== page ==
In a move that was equal parts ballsy and spontaneously commendable, Cousins showed a tenacity through a simple catchphrase that was not often seen by the fanbase or media when Cousins was out on the field. It showed he had a chip on his shoulder, and after the game he led Washington on a miraculous 6–3 finish to the season that was enough to win the division and send the team to their first playoff appearance since 2012.
Cousins would later have similar things to say after a dominating performance on Sunday Night Football against the Packers in 2016.
The Franchise Tags
The fanbase may always be split on just how valuable a quarterback Cousins was in his time in Washington, but there’s no doubt in anyone’s mind what he’ll be most remembered for, and that is the years-long saga of the franchise tag.
With a chance to lock Cousins up long-term with a contract somewhere in the range of $16 million per year after the 2015 season, the team instead decided to give Cousins a non-exclusive franchise tag that kept Cousins around on a one-year, $20 million contract for the next season as a way to see if Cousins was worth a long-term deal.
While his performance was for the most part the same as 2015 statistically (more on the end of that season in the section below), the team still didn’t trust him enough with a long-term contract after the season.
The team decided to give him the tag again, making him the first player in NFL history to receive the tag in consecutive years. The tag gave Cousins another one-year rental, this time worth $24 million that gave him $44 million in two years.
Cousins of course played much of the same brand of football, and the team once again fell short of the playoffs with a 7–9 record thanks to a lackluster defense and a bevy of injured starters.
Cousins banked on himself with the franchise tag, and come out as one of the biggest winners in NFL history. At least, financially. Once he officially became a free agent, he signed a contract for three years worth $84 million (all guaranteed) with the Vikings. In the end, the inability to commit to a quarterback without a major playoff record was what has led to the Redskins team we now see today. A team that is, once again, dealing with major issues at the position Cousins once held.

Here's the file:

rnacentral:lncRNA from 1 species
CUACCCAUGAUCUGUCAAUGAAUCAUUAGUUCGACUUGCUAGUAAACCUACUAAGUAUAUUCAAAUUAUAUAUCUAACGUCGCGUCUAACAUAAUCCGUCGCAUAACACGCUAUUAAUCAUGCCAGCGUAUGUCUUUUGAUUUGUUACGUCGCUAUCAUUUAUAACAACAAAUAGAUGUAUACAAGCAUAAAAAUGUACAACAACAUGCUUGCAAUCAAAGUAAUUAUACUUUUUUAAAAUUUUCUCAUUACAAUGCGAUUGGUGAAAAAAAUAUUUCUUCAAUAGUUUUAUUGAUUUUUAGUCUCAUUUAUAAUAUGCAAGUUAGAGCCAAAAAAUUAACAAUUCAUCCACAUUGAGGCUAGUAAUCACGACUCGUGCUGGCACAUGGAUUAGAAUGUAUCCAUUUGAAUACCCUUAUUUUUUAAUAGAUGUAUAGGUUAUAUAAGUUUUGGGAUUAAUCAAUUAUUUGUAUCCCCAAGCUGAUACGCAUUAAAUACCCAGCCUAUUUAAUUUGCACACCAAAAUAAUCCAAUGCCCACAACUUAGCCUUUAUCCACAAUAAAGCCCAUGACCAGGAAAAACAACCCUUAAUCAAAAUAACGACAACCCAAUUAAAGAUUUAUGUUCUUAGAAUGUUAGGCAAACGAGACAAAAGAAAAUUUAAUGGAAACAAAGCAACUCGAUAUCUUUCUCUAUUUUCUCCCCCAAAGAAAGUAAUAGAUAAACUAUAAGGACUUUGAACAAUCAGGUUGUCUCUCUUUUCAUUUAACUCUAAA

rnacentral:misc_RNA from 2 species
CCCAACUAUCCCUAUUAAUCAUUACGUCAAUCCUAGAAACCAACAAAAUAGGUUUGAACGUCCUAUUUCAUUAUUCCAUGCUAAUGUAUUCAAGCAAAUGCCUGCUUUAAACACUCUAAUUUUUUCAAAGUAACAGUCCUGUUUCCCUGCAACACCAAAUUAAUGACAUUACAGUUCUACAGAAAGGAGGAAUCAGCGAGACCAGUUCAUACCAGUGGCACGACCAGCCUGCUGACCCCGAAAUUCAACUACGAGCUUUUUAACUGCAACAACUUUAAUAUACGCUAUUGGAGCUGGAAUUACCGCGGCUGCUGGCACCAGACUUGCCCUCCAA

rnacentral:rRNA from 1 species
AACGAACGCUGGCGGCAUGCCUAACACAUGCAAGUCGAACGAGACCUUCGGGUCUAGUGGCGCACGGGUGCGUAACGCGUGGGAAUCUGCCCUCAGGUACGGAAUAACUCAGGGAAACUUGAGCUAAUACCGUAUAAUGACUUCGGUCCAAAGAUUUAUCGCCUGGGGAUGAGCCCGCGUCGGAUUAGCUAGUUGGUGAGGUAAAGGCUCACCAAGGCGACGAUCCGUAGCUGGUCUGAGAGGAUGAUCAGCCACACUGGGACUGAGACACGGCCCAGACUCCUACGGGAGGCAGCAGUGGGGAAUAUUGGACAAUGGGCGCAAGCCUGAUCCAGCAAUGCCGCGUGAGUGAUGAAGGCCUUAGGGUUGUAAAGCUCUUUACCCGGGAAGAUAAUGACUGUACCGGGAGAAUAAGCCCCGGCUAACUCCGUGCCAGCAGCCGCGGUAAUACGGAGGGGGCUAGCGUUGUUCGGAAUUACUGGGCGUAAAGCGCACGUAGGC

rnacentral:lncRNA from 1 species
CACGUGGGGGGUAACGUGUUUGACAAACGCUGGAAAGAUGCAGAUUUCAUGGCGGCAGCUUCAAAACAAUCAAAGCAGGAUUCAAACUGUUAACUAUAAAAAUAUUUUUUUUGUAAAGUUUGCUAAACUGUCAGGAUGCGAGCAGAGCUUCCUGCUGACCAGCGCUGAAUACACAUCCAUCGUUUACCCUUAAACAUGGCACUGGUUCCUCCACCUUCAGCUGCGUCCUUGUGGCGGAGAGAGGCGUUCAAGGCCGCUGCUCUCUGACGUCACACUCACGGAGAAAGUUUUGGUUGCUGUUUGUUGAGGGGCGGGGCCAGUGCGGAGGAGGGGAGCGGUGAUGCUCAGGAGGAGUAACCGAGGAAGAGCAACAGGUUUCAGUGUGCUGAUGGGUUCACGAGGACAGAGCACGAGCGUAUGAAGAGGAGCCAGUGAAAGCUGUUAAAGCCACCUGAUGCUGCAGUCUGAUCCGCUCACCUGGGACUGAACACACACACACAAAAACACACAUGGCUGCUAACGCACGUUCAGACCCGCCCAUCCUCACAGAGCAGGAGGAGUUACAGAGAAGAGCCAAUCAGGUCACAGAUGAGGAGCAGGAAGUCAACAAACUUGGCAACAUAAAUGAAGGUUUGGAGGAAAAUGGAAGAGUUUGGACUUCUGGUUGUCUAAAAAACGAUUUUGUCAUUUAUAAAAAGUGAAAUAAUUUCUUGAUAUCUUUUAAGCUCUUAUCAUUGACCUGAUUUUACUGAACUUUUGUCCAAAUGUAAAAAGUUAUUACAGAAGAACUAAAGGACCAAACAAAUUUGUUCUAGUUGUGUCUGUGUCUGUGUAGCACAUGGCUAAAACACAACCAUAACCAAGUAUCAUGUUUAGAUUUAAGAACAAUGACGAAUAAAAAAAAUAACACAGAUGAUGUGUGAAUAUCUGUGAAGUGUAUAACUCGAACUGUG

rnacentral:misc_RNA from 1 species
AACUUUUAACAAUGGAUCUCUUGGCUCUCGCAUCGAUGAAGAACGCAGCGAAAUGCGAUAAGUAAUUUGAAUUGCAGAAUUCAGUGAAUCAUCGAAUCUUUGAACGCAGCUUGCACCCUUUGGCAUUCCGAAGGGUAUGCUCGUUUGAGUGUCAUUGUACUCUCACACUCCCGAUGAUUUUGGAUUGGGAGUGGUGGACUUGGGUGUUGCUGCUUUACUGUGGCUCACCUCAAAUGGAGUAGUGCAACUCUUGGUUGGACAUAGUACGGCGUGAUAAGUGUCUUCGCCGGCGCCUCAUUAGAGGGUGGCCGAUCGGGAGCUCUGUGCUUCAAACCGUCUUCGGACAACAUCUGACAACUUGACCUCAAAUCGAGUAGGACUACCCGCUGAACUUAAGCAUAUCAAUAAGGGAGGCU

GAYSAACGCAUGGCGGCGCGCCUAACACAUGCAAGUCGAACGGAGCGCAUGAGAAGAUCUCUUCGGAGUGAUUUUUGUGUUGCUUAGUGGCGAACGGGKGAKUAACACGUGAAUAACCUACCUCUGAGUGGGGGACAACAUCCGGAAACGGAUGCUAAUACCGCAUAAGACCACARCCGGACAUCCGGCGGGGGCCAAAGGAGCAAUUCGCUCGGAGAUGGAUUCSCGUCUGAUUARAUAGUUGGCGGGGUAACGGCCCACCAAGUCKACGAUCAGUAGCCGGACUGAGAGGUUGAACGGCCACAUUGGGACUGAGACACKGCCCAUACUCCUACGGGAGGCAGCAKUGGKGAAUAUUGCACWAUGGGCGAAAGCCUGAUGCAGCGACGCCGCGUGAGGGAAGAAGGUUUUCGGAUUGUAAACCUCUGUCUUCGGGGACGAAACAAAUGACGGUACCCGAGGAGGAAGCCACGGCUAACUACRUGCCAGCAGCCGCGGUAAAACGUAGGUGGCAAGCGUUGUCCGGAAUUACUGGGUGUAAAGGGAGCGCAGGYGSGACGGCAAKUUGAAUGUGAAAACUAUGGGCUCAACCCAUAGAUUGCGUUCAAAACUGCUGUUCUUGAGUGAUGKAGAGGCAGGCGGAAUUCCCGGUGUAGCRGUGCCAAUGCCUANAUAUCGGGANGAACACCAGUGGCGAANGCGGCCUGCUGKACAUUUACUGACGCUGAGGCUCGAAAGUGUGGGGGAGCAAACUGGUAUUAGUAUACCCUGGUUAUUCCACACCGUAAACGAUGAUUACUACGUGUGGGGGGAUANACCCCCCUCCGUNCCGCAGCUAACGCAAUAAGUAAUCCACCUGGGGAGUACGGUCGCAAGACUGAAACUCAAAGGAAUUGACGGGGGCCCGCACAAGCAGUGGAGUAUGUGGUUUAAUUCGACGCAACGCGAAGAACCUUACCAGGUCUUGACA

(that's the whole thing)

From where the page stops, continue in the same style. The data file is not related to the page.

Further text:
The Giants fiasco (2016 edition)
A year after getting his first franchise tag, Cousins had a major opportunity to give the Redskins no choice but to consider giving him the big contract he wanted. What ended up happening was one of the most disappointing big-moment performances in franchise history that would lead to another year of the same questions about Cousins’ ability to win big games.
With a Week 17 game against the 10–5 Giants, who had already clinched a playoff berth the week before, the Redskins had a “win-and-in” situation at home against a team that had virtually nothing to play for but to play spoiler to a division rival’s playoff hopes.
Cousins turned in one of his worst performances of his career in the game, throwing two back-breaking interceptions and leading just two scoring drives. The 19–10 loss was an embarrassing display, and something that gave Cousins the label as one of the least clutch signal-callers in the game.
Ironically enough, Cousins faced a similar situation just two years later while as a member of the Vikings. In another “win-and-in” Week 17 matchup against a division rival, this time the 12–4 Chicago Bears, Cousins recorded just 132 yards in the air and one touchdown as the team lost 24–10.
It’s easy to think now that had Cousins won this game, he could have perhaps been sporting burgundy and gold colors to this day.